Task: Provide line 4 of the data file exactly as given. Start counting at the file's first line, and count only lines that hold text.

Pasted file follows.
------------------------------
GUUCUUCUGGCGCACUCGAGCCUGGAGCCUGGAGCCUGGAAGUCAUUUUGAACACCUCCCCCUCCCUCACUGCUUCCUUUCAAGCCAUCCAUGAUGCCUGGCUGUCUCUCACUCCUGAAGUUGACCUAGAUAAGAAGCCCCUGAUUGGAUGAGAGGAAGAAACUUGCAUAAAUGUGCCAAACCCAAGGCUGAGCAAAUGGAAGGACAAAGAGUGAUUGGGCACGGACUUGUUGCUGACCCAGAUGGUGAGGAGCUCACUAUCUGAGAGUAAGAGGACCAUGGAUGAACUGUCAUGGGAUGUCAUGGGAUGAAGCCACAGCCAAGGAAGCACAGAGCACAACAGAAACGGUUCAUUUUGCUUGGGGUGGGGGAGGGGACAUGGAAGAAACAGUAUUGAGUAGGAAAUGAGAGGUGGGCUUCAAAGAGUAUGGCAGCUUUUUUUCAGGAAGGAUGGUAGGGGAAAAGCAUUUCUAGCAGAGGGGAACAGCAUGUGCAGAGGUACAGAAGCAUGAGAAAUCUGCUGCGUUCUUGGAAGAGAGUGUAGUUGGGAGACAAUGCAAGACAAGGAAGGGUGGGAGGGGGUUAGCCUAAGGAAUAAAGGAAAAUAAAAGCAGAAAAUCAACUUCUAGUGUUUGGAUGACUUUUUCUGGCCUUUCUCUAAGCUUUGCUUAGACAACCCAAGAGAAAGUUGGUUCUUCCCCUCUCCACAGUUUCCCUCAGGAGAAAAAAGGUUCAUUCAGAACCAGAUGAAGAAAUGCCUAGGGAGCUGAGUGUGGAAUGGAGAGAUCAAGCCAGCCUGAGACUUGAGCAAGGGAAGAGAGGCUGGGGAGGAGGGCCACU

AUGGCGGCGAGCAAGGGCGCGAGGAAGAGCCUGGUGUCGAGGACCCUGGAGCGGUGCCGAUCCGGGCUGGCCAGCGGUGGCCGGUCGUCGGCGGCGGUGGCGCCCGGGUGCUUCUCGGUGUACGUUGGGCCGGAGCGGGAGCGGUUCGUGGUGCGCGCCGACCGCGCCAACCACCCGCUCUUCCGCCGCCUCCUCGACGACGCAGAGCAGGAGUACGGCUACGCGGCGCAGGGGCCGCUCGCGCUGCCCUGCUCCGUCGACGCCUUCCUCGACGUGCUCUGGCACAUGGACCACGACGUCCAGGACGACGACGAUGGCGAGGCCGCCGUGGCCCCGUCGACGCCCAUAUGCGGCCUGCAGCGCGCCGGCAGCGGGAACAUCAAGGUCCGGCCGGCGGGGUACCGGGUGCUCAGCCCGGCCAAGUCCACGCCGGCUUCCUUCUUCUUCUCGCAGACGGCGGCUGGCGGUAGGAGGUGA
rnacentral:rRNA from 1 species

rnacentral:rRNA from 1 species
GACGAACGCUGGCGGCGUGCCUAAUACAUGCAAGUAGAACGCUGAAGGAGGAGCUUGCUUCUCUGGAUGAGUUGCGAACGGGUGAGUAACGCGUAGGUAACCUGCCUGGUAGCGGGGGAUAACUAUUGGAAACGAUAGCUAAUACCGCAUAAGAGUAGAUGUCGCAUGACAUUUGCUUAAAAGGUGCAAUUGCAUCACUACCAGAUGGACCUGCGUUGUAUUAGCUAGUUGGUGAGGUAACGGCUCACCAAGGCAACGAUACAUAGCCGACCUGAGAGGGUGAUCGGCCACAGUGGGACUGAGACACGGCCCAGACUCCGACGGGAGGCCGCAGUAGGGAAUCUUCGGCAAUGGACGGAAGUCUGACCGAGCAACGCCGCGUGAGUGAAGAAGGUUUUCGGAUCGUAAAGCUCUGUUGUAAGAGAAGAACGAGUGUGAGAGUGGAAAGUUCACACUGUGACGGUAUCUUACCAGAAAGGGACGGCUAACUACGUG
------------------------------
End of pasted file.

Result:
rnacentral:rRNA from 1 species